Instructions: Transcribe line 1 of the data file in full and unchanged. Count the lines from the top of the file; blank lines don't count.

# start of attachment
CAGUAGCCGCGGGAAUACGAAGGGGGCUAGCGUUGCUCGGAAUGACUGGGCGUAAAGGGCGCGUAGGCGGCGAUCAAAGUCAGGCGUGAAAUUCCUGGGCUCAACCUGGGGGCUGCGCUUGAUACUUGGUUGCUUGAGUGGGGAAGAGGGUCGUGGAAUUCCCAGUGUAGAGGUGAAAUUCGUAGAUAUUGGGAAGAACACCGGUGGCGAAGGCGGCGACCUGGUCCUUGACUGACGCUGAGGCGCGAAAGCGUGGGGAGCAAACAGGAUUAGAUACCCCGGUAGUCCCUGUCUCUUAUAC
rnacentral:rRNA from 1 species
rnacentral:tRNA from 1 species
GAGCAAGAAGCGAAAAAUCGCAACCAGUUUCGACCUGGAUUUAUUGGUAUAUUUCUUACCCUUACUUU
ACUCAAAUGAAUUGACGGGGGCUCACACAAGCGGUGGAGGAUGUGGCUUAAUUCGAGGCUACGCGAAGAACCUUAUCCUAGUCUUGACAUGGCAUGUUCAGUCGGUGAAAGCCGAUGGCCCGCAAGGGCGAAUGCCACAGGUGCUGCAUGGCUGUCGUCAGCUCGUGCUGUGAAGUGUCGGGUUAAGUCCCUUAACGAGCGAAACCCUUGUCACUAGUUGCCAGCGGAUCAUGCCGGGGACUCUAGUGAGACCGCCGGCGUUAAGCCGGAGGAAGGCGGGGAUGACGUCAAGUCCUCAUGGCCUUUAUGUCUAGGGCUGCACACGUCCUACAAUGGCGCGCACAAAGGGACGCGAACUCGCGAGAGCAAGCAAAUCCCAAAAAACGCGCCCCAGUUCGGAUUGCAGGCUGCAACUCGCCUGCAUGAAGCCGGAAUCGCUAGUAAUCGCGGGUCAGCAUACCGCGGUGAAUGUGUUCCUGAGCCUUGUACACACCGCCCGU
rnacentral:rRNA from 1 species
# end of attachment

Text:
CAGUAGCCGCGGGAAUACGAAGGGGGCUAGCGUUGCUCGGAAUGACUGGGCGUAAAGGGCGCGUAGGCGGCGAUCAAAGUCAGGCGUGAAAUUCCUGGGCUCAACCUGGGGGCUGCGCUUGAUACUUGGUUGCUUGAGUGGGGAAGAGGGUCGUGGAAUUCCCAGUGUAGAGGUGAAAUUCGUAGAUAUUGGGAAGAACACCGGUGGCGAAGGCGGCGACCUGGUCCUUGACUGACGCUGAGGCGCGAAAGCGUGGGGAGCAAACAGGAUUAGAUACCCCGGUAGUCCCUGUCUCUUAUAC